I’m still mulling over whether this year’s Saint Lucia Jazz & Arts Festival was indeed “the best yet” as some have proclaimed. I will not hesitate to say the event was very good, filled with more than a few highs and only here and there a low.
Then again, after covering the festival for all of its 22 years maybe I am a little bit jaded. And while some of my past critiques may have marked me a trouble-maker by some friends at the Saint Lucia Tourist Board, others have seen the wisdom in what I wrote, though they won’t admit it.
Still, I have always supported, even when others have not, the continuation of the festival. The main complaint for some observers of the event has been that staging it costs too much money for the festival to be profitable. In any case, that profit argument was washed away this week by the undeniable financial benefits accrued by vendors, service providers, restaurants, guest houses and small hotels, beverage companies, boutiques, taxi drivers, Saint Lucian performers and so on.
On the last day of the festival, which drew more than five thousand paying patrons at EC$200 a pop, the fact that Heineken and other beverages ran out quickly was indeed a sign of the amount spent this year by patrons. I am sure those with more financial acumen than I can arrive at a figure far exceeding the EC$8 million that the SLTB spent on the festival.
The feel-good factor of this year’s festival could have easily been attributed to the number of Saint Lucian singers, musicians, dancers, poets, sculptors, painters and stage hands who were now involved through the arts component of the event. Add to that the hundreds of volunteers now all serving as ambassadors to the event and the picture gets clearer. The line-up of the festival this year (which I believe was very good but not great) only tells half the story. Indeed, it cannot on its own set the stage for a festival without great venues and the buy-in from your local populace.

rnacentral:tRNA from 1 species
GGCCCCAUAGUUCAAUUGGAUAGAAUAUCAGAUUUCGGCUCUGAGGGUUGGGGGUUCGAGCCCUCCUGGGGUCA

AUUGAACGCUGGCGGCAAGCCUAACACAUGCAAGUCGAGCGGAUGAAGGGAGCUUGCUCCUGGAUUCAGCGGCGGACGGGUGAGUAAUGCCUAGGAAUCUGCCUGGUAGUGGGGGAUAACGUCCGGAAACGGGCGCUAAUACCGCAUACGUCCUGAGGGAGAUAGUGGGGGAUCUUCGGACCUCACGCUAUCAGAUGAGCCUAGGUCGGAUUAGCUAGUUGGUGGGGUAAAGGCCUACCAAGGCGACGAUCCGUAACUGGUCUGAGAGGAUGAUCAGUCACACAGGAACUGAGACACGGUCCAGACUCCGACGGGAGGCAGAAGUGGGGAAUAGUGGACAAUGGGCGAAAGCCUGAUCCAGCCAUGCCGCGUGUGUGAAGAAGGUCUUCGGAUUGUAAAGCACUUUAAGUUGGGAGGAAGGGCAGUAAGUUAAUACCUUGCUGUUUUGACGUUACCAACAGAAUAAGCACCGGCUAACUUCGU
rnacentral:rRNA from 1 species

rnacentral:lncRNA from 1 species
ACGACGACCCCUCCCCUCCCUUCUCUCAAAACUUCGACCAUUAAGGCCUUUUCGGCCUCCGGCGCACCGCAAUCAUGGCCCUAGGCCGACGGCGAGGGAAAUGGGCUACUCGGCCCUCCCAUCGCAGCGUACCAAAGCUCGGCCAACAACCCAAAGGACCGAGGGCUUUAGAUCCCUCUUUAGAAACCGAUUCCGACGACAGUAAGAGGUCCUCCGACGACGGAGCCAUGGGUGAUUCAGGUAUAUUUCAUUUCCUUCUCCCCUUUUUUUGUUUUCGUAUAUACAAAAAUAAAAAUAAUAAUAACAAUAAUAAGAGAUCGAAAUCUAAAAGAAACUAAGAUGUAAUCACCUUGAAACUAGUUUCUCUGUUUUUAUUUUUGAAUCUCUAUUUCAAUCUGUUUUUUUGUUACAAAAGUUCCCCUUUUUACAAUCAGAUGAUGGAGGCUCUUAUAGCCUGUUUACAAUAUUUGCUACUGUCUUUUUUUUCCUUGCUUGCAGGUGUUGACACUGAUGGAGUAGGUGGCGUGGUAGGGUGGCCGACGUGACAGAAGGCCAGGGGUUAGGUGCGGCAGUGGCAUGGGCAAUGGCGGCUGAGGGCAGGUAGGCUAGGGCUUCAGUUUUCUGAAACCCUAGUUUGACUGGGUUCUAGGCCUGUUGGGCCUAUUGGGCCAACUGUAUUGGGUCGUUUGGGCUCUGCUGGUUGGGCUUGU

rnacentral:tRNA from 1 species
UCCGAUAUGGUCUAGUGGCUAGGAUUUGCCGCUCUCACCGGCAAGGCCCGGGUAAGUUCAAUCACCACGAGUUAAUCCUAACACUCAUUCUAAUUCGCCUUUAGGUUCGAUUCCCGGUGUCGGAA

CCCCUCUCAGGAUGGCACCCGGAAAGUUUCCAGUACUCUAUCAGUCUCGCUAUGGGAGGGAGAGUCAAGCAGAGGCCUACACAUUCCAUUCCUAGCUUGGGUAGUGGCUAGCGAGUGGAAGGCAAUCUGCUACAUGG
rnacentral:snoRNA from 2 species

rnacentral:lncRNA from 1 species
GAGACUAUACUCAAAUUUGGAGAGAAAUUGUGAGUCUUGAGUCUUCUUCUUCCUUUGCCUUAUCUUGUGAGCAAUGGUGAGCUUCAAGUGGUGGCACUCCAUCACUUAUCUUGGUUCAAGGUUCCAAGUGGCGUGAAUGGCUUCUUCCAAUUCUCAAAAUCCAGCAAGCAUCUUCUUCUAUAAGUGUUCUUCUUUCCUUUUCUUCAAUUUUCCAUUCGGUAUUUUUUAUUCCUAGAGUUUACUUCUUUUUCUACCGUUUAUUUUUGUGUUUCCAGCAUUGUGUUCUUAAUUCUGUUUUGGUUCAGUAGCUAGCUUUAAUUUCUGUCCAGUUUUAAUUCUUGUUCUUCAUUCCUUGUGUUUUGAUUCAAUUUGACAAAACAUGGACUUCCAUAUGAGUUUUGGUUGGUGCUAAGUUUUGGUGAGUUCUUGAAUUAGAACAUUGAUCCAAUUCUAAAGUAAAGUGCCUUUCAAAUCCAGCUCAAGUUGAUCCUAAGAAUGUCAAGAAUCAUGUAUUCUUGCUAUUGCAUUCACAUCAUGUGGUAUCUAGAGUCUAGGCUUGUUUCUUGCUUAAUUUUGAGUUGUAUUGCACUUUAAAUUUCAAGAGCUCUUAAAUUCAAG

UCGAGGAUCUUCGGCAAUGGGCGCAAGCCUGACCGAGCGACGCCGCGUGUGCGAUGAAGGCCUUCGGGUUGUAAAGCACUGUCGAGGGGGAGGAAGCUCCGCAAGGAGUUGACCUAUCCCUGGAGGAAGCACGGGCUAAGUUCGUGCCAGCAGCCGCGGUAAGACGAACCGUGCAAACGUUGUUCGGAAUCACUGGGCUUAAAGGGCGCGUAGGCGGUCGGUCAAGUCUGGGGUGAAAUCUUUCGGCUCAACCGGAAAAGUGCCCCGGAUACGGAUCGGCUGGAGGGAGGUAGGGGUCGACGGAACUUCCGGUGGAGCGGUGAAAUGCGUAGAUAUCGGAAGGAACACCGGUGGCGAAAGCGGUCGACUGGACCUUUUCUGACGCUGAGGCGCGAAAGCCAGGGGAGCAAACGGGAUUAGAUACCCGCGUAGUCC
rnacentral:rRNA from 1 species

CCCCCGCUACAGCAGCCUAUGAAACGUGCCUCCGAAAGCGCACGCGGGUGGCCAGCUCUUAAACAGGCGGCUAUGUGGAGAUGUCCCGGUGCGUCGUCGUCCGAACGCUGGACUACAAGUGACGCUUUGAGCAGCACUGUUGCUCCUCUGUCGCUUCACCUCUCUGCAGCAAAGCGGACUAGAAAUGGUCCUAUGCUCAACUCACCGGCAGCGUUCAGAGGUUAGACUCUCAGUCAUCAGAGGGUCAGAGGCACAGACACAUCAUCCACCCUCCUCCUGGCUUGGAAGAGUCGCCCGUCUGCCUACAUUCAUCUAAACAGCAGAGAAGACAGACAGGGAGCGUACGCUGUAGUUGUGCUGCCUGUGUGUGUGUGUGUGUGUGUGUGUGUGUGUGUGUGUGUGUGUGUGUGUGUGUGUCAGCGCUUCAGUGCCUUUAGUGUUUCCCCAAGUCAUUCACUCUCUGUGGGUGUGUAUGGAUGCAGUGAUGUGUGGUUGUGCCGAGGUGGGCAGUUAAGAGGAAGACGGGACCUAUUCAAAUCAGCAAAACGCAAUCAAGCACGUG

The festival for me has always meant more than standing in the media pit all day analyzing each and every performance. It has been and continues to be about engaging patrons, visitors and some of the performers, the ambience. This year’s atmosphere throughout the festival was astounding.
So with all of this said, let me now point out a few lows of mine at this year’s festival:
• First; the performances by Ginuwine and Akon. Both wore white, which goes to show it does not always indicate purity. Ginuwine’s performance was lackluster and devoid of any strong connection with his audience. But then what do you expect when you pay a man who has had four major hits twenty thousand dollars. As for Akon, he entertained the crowd with some of his monster hits and while many enjoyed his ride through the crowd, his flawless lip- synching just would not cut it. Come on, Akon, you came here with a more than 20-strong entourage just so people might read your lips? Maybe lawyer and SLTB deputy chairman Thaddeus Antoine can slip in a clause into next year’s contracts that demands all performers actually sing live.
• My final low, and this one is not on the SLTB, was the lack of initiative taken to offer patrons and visitors “Saint Lucia Jazz & Arts Festival” branded souvenirs: caps, bandanas, tee-shirts and the like.
The highs of 2013:
• The return of Jazz on the square of course which created a buzz in the city around the festival.